• Deeply unpopular with merchants, traders, seamen, and farmers growing crops for export, the Embargo Act was repealed in 1809.
1.3 [as modifier] Of a high standard suitable for export: high-grade export coal
More example sentences
  • An interesting issue concerns the charges for transporting Hunter Valley export coal.
  • As the end of 1999 approached, consistently dismal domestic and export coal loadings gave the nation's ports little reason to cheer.
  • Train drivers refused to cross the miners' picket, stopping the movement of all export coal to the port of Lyttelton.



Pronunciation: /ikˌspôrtəˈbilitē/
Example sentences
  • The country continues to degenerate into chaos, rendering any forecasts about future exportability highly suspect, especially in light of the still dangerous condition of the fields.
  • Denmark became something of a cause célèbre for those who believed that the increased exportability of regional cinemas was the only way forward.
  • One perennial issue in the classes has been the exportability of human rights claims from EuroAmerican sources to the rest of the world.


Pronunciation: /ikˈspôrdəbəl/ Pronunciation: /ekˈspôrdəbəl/
Example sentences
  • Chilli pepper is one of the exportable crops that has tremendous potential on the international export market.
  • The Hall has been filled to full capacity, with a mixture of old and new companies who have come with a variety of exportable products.
  • In recent years, owing to the Government's deliberate policy to promote the non-traditional exports, the range of exportable products has widened even further.


Pronunciation: /ˌekˌspôrˈtāSHən/ Pronunciation: /ˌekspərˈtāSHən/
Example sentences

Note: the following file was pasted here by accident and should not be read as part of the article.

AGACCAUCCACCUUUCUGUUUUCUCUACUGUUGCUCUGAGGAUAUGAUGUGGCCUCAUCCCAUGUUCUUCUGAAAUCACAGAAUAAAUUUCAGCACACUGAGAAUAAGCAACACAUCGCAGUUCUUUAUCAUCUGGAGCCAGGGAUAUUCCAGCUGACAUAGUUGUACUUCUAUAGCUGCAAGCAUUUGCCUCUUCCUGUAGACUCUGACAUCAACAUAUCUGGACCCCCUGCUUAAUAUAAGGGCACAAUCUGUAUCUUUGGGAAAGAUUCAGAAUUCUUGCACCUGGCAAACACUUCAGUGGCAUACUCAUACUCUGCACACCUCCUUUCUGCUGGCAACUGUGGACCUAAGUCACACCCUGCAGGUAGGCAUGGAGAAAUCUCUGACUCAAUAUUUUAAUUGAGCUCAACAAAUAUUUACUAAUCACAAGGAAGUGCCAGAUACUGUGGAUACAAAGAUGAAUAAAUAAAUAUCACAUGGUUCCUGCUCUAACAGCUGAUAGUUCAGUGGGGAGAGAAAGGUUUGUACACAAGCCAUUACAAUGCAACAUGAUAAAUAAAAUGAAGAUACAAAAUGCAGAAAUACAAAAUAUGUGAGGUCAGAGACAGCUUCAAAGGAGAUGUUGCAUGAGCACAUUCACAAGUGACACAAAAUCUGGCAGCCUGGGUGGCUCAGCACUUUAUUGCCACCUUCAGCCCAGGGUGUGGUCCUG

• In practice, all international money transfers, except the very limited importation and exportation of currency notes, are effected through banking channels.
  • He calls the episode ‘perhaps the most tragic example of the exportation of conflict.’
  • Never before have we seen the outsourcing, the exportation of high-value jobs at the rate that we have seen it over the course of the past three years.


Late 15th century (in the sense 'take away'): from Latin exportare, from ex- 'out' + portare 'carry'. Current senses date from the 17th century.

  • transport from Late Middle English:

    Transport is from Latin transportare, from trans- ‘across’ and portare ‘carry’. The word's use to denote ‘a means of transportation’ arose in the use of transport ships to carry soldiers or convicts, and later army supplies. Import (Late Middle English) and export (Late Middle English) are the carrying of goods in and out of the country.

Words that rhyme with export

abort, apport, assort, athwart, aught, besought, bethought, bort, bought, brought, caught, cavort, comport, consort, contort, Cort, court, distraught, escort, exhort, extort, fort, fought, fraught, import, methought, misreport, mort, naught, nought, Oort, ought, outfought, port, Porte, purport, quart, rort, short, snort, sort, sought, sport, support, swart, taught, taut, thought, thwart, tort, transport, wart, wrought

For editors and proofreaders

Syllabification: ex·port